On this past Sunday, November 2, our community observed the Feast of All Saints’. In place of a conventional sermon, the following “preached litany” was offered as a way of helping us to engage the fact that whoever and whatever we are as Christians is due to our connection to a long line of “saints,” both living and dead.
I n the name of God, the Father and the Son and the Holy Spirit. Amen.
Paul MathesonKerry CraigAlison HalsteadGreat Grandma Brown
These are among the names submitted by the people of this community over the past week;
Cliff EdwardsJohn WimburSister Alice GreerTheresa Tocheri Massaro
These are among the many who people in this place identified as their “saints.” Among them are some who have received official designation by the church;
St Therese of LisieuxSt BenedictSt Francis of Assisi
Others are recognized as saints in simpler ways; without any acclamation or designation;
GeorgeStanAnnie and MurielCecilJames
Among them are those who have died;
G.K. ChesteronKen SkundbergJim Setter
And those still alive;
Lois LamontCameron MacKenzieRobert Farrar Capon
Our saints. Our great cloud of witnesses. The ones who have shaped us, challenged us, formed us, loved us.
David BazanTerry James BergDr Lois Edmund
They are not listed because they are so great, so pure, so perfect, so deserving of a stained glass status as upper-case “S” saints of some religious institution. They are listed because, in spite of all that they struggled with and all of their very human flaws and imperfections, they managed to put one foot in front of the other on the long road of being a disciple of Jesus.
Biblically, a saint – a hagios or “holy one” – is nothing more and nothing less than a member of the body of Christ. When Paul writes of sending support to the “saints in Jerusalem” or of “all the saints” sending greetings to the Christians in Corinth, he means the church members, the folks who gather to worship and pray and sort out their life in God together.
They are not called “holy ones” because they are so inherently holy, or because they’ve worked so hard at some imagined purity that they can now wear that badge. They’re “holy ones” in spite of all of the messes of their lives and all of the conflicted struggles they’ve faced. They’re named “holy ones” because, by grace, God has declared them so; holy in spite of the unholiness, and justified in spite of the unjustifiable character of their hearts.
Each week in the Eucharistic prayer, I pray,
In fulfilment of your will
he stretched out his hands in suffering,
to bring release to those who place their hope in you;
and so he won for you this holy people.
“This holy people,” not by righteousness or our own efforts; but because in those outstretched hands of suffering, we have been declared as God’s holy ones; God’s saints.
And maybe the ones we have come to recognize as saints for us would be shocked to hear that is how we feel; how we have experienced their presence in our lives. Maybe as our litany of our saints continues, you’ll hear a name of someone you know, maybe even someone sitting here in our midst. And maybe you’ll be hit by a little tremour of surprise: really?
But why should we be surprised? Who better to form me and challenge me and love me than those who, week by week, break bread with me?
Dr Henry BrandtShelly LubbenWalterBlake ShimbyDave CloreyMartha ConstantineJane and Lionel MartensAlan and Nancy HowisonDon SchwartzPhil Apol
The peacemakers, the meek, those who mourn, those who hunger and thirst after righteousness, the merciful, the pure in heart, the persecuted; the ones who dare, even for a moment, to believe that the Kingdom is among us and that we have to live into the reality of that kingdom.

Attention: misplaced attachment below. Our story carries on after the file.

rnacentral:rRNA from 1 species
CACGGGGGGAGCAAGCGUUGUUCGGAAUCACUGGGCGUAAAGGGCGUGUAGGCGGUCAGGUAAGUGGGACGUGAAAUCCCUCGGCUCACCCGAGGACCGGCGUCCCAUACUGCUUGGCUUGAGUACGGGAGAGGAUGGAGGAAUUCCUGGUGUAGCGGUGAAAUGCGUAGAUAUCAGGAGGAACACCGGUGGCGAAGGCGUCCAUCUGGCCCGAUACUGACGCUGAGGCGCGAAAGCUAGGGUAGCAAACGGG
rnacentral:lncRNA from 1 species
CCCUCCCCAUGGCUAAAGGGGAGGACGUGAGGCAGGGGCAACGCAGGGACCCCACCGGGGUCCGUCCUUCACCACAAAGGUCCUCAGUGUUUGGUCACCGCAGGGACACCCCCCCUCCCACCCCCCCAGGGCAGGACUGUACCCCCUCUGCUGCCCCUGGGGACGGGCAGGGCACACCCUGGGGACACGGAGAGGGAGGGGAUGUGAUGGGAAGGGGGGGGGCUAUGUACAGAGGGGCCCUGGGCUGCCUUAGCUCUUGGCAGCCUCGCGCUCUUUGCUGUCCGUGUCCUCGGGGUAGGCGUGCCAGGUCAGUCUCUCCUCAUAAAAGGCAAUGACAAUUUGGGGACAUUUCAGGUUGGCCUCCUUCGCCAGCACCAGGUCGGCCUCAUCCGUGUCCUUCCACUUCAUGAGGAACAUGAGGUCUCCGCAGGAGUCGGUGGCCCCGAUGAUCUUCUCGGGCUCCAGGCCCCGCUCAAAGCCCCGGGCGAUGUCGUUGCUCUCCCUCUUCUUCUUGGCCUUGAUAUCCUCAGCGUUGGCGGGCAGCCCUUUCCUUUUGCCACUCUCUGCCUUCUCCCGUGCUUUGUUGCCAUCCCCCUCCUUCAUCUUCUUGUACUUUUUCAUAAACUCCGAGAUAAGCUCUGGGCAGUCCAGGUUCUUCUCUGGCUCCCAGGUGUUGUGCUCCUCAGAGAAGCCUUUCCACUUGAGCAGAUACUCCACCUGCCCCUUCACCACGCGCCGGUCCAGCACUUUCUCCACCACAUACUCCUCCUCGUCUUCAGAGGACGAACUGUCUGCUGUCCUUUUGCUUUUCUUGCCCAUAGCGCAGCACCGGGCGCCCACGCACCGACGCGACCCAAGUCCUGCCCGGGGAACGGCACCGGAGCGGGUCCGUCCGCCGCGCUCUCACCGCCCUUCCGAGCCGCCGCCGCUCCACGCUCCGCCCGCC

Sidney SmithGordon SmithSteve KoryWeymond SearsMahatma GhandiW. H. AudenRobert Francis KennedyFr John SianchukKen Mair
Writers and musicians and grandparents and Sunday School teachers and friends and mentors:
Tim PerryMarie WalkGrandmaAll of the kids I worked with at campGlenn MillerGilbert and Adeline BergFrederick BuechnerGord JohnsonLarry Campbell
Throughout the ages, women and men have gone out on the road and followed Jesus on the Way. We pray that we may always have the courage to do the same.
Gail TiessenHenry WinterMother TeresaHarold MerrickPastor Saint-HilaireThat all who give leadership in your church, O Lord, may show forth the spirit of the apostles, so that their message will convey the transformative character of Your Holy Spirit; Lord in your mercy,Hear our prayer.
That this tired world will have its spirit lifted and its eyes opened to the new beginnings promised in the proclamation of your good news, which is like leaven hidden in unbaked bread, silently and steadily doing its work; Lord in your mercy.Hear our prayer.
Giving thanks for those who have touched our own lives, make each of us open to the call to mentor and love and shape others in their lives; Lord in your mercy.Hear our prayer.
Jack and Joyce Patten
Remembering with thanksgiving those who have died and now rest in you; and those, too, who in life continue to be companions on the Way; Lord in your mercy,Hear our prayer.
Paul and Helen Lapalla
Matthew Lawson Smith
May all of us follow with joy and simplicity the great throng of women and men who have gone before us with steady strides, or stumbling and wandering but finding their way back to him who is the Way; Lord in your mercy,Hear our prayer.
Lord, we give you thanks for this festival of all of your friends, and we ask that we too may be deepened in our friendship with you and with them at that table which you have promised to your people. Lord in your mercy,Hear our prayer
David and Lynn Pate
Dr Bob Stephens
Dr William Hodges
Fr Kilian McDonnell
And all of us here, who God will insist on calling “holy ones,” even amidst our brokenness. Amen.